It’s been four months to the day since I first reviewed the $849 configuration of the Pixelbook Go. It’s not my daily driver but I have been using it a few days a week throughout the month of February.
Does it still stand up to what I first thought? Is it still a good choice for specific types of customers? Here’s what I think.
Pixelbook Go performance will keep most everyone happy
Overall, there’s still not much to dislike about the Pixelbook Go. It has continued to meet nearly all of my needs and would probably meet yours as well unless you’re a developer.
To effectively code quickly on a Chromebook using Linux, you really want a higher processor series than what Google has used inside the Pixelbook Go, which is the Intel Y-series processors. While I can certainly code on the Go, compile and build times for my code is noticeably slower than on my Acer Chromebook Spin 13 with its Intel U-series chip.
But most Chromebook buyers aren’t developers. Instead, they use a Chromebook for browsing and web apps, along with some Android titles as well.
If you’re in this category, I can’t see you lacking for power with the Pixelbook Go. The 8th-generation processor inside, paired with 8 GB of memory has more than enough oomph for a few dozen open tabs and Android apps, gaming or otherwise.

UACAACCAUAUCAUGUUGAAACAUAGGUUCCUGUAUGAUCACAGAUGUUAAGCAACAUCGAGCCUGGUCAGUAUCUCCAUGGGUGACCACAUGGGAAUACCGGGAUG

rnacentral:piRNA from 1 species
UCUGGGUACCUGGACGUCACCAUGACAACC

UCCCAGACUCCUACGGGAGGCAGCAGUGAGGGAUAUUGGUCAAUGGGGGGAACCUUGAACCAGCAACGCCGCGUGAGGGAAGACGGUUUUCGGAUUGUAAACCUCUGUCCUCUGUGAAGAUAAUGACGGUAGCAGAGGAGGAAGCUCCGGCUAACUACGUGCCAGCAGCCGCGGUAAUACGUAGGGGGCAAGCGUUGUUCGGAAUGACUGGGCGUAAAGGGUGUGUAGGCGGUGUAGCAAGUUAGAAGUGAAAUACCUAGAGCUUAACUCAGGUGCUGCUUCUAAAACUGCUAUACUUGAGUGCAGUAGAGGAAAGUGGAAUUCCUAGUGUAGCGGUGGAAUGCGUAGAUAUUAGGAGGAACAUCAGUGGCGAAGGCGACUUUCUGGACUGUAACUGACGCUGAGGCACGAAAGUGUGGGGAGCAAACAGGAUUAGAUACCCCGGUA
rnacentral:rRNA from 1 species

Great display but compomised aspect ratio
I can’t rave enough about the 13.3-inch 1920 x 1080 IPS display panel Google used for the Pixelbook Go. It has above average brightness, great viewing angles and superb color reproduction. Whether I’m getting work done or watching online HD video content, I never think “this display panel could be a tad better.”
However, this is a 16:9 aspect ratio display. And it feels awkward if you bounce around from different machines with other aspect ratios.
My Acer Chromebook Spin 13, for example, has a 3:2 aspect ratio like the original Google Pixelbook and it’s better suited for productivity; particularly in split screen mode.
The Pixelbook Go? Not so much. But I might feel differently if this was my only Chromebook because the switch between display ratios wouldn’t be there. Right now it feels jarring to me. That’s why I’ve opted to use an external monitor when doing some light coding with the Go.
Having said that, 16:9 is actually perfectly suited for my online content viewing and for Stadia gaming. It’s a natural fit for those activities. My take: Think long and hard about the percentage of your productivity and your consumption / fun-time usage.
If it’s 50-50 (or more) like mine is, I’d rather sacrifice the natural widescreen video content ratio of 16:9 and get something other than a Pixelbook Go. If you’ve never used a 3:2 laptop and/or don’t think you’re missing anything, or you’re comfortable on a widescreen display to begin with, you’ll be happy with the Pixelbook Go.
Build quality is still the reason for the premium Pixelbook Go price
When the Pixelbook Go launched with a $649 base price for the Core m3 processor, 8 GB of RAM and 64 GB of internal storage, many balked at the price. And I can see why if you’re comparing apples to apples internal hardware between the Pixelbook Go against similarly configured Chromebooks from Acer, Asus, Dell and others that can be found in the $400 to $500 range.